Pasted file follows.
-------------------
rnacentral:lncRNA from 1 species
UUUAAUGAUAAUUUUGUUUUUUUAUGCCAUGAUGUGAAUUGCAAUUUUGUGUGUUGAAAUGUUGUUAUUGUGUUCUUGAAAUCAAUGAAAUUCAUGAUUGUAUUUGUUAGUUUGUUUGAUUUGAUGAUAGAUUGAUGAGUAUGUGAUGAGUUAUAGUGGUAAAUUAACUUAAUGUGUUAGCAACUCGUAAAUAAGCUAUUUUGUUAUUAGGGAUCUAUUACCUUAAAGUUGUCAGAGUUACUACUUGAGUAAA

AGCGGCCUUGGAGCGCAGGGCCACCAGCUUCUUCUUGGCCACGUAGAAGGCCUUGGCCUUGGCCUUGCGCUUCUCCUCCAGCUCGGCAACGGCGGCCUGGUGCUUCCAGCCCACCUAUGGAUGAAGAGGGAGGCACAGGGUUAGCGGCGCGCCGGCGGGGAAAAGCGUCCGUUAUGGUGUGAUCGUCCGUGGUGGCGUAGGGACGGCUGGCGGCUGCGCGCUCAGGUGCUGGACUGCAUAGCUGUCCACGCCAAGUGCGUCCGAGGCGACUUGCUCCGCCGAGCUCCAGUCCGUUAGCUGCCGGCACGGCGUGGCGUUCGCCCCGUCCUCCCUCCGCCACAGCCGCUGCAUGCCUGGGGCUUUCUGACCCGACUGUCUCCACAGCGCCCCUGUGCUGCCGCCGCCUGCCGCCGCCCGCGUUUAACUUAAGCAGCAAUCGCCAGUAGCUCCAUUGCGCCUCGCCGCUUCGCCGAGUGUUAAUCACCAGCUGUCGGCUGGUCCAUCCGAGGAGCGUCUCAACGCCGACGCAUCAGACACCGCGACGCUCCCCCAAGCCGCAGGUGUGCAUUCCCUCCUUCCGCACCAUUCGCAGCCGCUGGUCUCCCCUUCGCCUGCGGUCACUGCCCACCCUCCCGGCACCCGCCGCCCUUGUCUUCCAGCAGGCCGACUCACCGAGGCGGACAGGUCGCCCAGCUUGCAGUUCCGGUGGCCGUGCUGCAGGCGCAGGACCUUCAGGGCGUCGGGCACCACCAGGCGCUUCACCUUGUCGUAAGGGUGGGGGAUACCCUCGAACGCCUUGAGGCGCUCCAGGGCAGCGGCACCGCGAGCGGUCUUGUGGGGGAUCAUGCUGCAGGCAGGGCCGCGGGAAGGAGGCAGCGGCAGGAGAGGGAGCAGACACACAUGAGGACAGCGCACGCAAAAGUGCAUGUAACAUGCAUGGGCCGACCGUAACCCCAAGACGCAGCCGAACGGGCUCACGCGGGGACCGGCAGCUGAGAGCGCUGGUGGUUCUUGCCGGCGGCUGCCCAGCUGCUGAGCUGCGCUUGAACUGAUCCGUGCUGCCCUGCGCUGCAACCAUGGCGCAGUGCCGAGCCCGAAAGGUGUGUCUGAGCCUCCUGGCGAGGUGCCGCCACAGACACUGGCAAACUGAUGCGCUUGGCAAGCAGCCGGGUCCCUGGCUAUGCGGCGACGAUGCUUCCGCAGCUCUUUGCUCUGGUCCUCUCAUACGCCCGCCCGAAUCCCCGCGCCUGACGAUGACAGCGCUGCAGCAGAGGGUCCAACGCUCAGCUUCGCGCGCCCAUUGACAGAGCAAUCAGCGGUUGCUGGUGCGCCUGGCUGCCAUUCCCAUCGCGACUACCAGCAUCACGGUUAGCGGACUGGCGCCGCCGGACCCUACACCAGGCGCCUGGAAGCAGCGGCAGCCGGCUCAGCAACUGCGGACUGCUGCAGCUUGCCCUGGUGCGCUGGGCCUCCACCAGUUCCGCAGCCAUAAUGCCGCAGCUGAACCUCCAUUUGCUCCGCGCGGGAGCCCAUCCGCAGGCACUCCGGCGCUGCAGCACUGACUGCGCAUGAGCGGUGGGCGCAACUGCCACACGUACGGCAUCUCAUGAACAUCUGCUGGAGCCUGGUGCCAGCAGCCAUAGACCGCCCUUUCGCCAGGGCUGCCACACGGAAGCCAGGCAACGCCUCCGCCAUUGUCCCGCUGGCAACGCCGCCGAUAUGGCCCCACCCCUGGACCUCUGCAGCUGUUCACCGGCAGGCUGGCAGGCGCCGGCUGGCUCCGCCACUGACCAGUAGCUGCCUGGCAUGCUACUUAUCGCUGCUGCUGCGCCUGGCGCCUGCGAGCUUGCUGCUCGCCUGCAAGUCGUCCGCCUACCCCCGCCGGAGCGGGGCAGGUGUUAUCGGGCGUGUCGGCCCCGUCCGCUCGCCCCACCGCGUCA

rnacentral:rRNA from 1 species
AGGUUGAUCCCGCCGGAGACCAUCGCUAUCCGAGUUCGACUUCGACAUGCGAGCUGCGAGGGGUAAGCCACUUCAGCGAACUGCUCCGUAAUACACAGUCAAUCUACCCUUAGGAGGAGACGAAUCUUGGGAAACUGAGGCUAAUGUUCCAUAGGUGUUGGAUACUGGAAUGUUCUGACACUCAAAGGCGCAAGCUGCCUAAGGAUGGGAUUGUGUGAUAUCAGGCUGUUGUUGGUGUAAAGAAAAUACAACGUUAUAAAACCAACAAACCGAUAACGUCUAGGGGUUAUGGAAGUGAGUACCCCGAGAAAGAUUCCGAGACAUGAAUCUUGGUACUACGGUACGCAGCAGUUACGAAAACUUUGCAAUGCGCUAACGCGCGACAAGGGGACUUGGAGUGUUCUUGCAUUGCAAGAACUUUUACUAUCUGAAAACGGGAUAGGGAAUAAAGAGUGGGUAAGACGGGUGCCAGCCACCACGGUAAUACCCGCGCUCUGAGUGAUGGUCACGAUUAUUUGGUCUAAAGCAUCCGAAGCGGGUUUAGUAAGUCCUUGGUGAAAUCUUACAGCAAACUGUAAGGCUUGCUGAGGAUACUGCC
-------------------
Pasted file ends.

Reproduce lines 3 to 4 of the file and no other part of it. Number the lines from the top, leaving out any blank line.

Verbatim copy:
AGCGGCCUUGGAGCGCAGGGCCACCAGCUUCUUCUUGGCCACGUAGAAGGCCUUGGCCUUGGCCUUGCGCUUCUCCUCCAGCUCGGCAACGGCGGCCUGGUGCUUCCAGCCCACCUAUGGAUGAAGAGGGAGGCACAGGGUUAGCGGCGCGCCGGCGGGGAAAAGCGUCCGUUAUGGUGUGAUCGUCCGUGGUGGCGUAGGGACGGCUGGCGGCUGCGCGCUCAGGUGCUGGACUGCAUAGCUGUCCACGCCAAGUGCGUCCGAGGCGACUUGCUCCGCCGAGCUCCAGUCCGUUAGCUGCCGGCACGGCGUGGCGUUCGCCCCGUCCUCCCUCCGCCACAGCCGCUGCAUGCCUGGGGCUUUCUGACCCGACUGUCUCCACAGCGCCCCUGUGCUGCCGCCGCCUGCCGCCGCCCGCGUUUAACUUAAGCAGCAAUCGCCAGUAGCUCCAUUGCGCCUCGCCGCUUCGCCGAGUGUUAAUCACCAGCUGUCGGCUGGUCCAUCCGAGGAGCGUCUCAACGCCGACGCAUCAGACACCGCGACGCUCCCCCAAGCCGCAGGUGUGCAUUCCCUCCUUCCGCACCAUUCGCAGCCGCUGGUCUCCCCUUCGCCUGCGGUCACUGCCCACCCUCCCGGCACCCGCCGCCCUUGUCUUCCAGCAGGCCGACUCACCGAGGCGGACAGGUCGCCCAGCUUGCAGUUCCGGUGGCCGUGCUGCAGGCGCAGGACCUUCAGGGCGUCGGGCACCACCAGGCGCUUCACCUUGUCGUAAGGGUGGGGGAUACCCUCGAACGCCUUGAGGCGCUCCAGGGCAGCGGCACCGCGAGCGGUCUUGUGGGGGAUCAUGCUGCAGGCAGGGCCGCGGGAAGGAGGCAGCGGCAGGAGAGGGAGCAGACACACAUGAGGACAGCGCACGCAAAAGUGCAUGUAACAUGCAUGGGCCGACCGUAACCCCAAGACGCAGCCGAACGGGCUCACGCGGGGACCGGCAGCUGAGAGCGCUGGUGGUUCUUGCCGGCGGCUGCCCAGCUGCUGAGCUGCGCUUGAACUGAUCCGUGCUGCCCUGCGCUGCAACCAUGGCGCAGUGCCGAGCCCGAAAGGUGUGUCUGAGCCUCCUGGCGAGGUGCCGCCACAGACACUGGCAAACUGAUGCGCUUGGCAAGCAGCCGGGUCCCUGGCUAUGCGGCGACGAUGCUUCCGCAGCUCUUUGCUCUGGUCCUCUCAUACGCCCGCCCGAAUCCCCGCGCCUGACGAUGACAGCGCUGCAGCAGAGGGUCCAACGCUCAGCUUCGCGCGCCCAUUGACAGAGCAAUCAGCGGUUGCUGGUGCGCCUGGCUGCCAUUCCCAUCGCGACUACCAGCAUCACGGUUAGCGGACUGGCGCCGCCGGACCCUACACCAGGCGCCUGGAAGCAGCGGCAGCCGGCUCAGCAACUGCGGACUGCUGCAGCUUGCCCUGGUGCGCUGGGCCUCCACCAGUUCCGCAGCCAUAAUGCCGCAGCUGAACCUCCAUUUGCUCCGCGCGGGAGCCCAUCCGCAGGCACUCCGGCGCUGCAGCACUGACUGCGCAUGAGCGGUGGGCGCAACUGCCACACGUACGGCAUCUCAUGAACAUCUGCUGGAGCCUGGUGCCAGCAGCCAUAGACCGCCCUUUCGCCAGGGCUGCCACACGGAAGCCAGGCAACGCCUCCGCCAUUGUCCCGCUGGCAACGCCGCCGAUAUGGCCCCACCCCUGGACCUCUGCAGCUGUUCACCGGCAGGCUGGCAGGCGCCGGCUGGCUCCGCCACUGACCAGUAGCUGCCUGGCAUGCUACUUAUCGCUGCUGCUGCGCCUGGCGCCUGCGAGCUUGCUGCUCGCCUGCAAGUCGUCCGCCUACCCCCGCCGGAGCGGGGCAGGUGUUAUCGGGCGUGUCGGCCCCGUCCGCUCGCCCCACCGCGUCA

rnacentral:rRNA from 1 species